Wednesday, 25 November 2015

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Cash secured to shore up storm-battered Cumbrian harbour

Cash has been secured to carry out urgent repairs to Whitehaven’s storm-battered harbour – and work will begin on Monday.

Celia Mackenzie photo
Celia Mackenzie

Severe damage was caused in December when violent waves crashed into the harbour, bringing down walls, uplifting paving slabs and destroying buildings.

When the scale of damage became clear, the owners of the harbour revealed they had no cash to carry out much-needed repairs and as a result parts of the harbour would be closed.

Now, thanks to £324,000-worth of funding from the Environment Agency, work will start to repair the harbour’s flood defences, including the Old Quay wall.

Celia Mackenzie, chief executive of The Whitehaven Harbour Commissioners, said that work is scheduled to be complete at the end this month or early next .

She added that the commissioners have worked for many years with the Environment Agency in order to protect the town from “inundation” from the sea within the harbour.

“The Environment Agency, having viewed the structural damage, have agreed to provide funds for the restoration of the flood defence scheme,” she said.

“The Whitehaven Harbour Commissioners’ are delighted with the support and the speed at which the Environment Agency have provided the funding and the technical support.”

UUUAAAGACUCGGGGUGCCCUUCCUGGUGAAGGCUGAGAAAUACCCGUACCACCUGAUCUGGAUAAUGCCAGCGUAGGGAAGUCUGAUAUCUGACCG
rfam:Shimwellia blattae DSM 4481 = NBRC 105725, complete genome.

The money for repairs has been secured from a £130 million emergency funding announcement by the government, to aid the flood relief effort and repair damaged defences.

A spokesman for the Environment Agency said that December’s severe storm, coupled with one of the highest spring tides of the year, caused “unprecedented” structural damage to the harbour, and in particular the Old Quay which is a Scheduled Ancient Monument.

“Repairs to the structure are urgent as additional storms would create further damage to an already weakened structure, compromising the towns flood defence system,” he added.

Copeland Council’s director of services, Pat Graham, said the authority was “pleased” to support the harbour commissioners to secure the money.

“The harbour is a historic monument and an absolutely integral part of our town,” she added. “It actually stood up remarkably well to such destructive storms but it’s great news for our colleagues at the Harbour Commission that it will be repaired and both visitors and locals will be able to enjoy this beautiful area once again.

The cash announcement follows a week of debate where flood-hit areas of the north – including Cumbria – have been critical of the open cheque book given to those places devastated by winter flooding in the south of the country.


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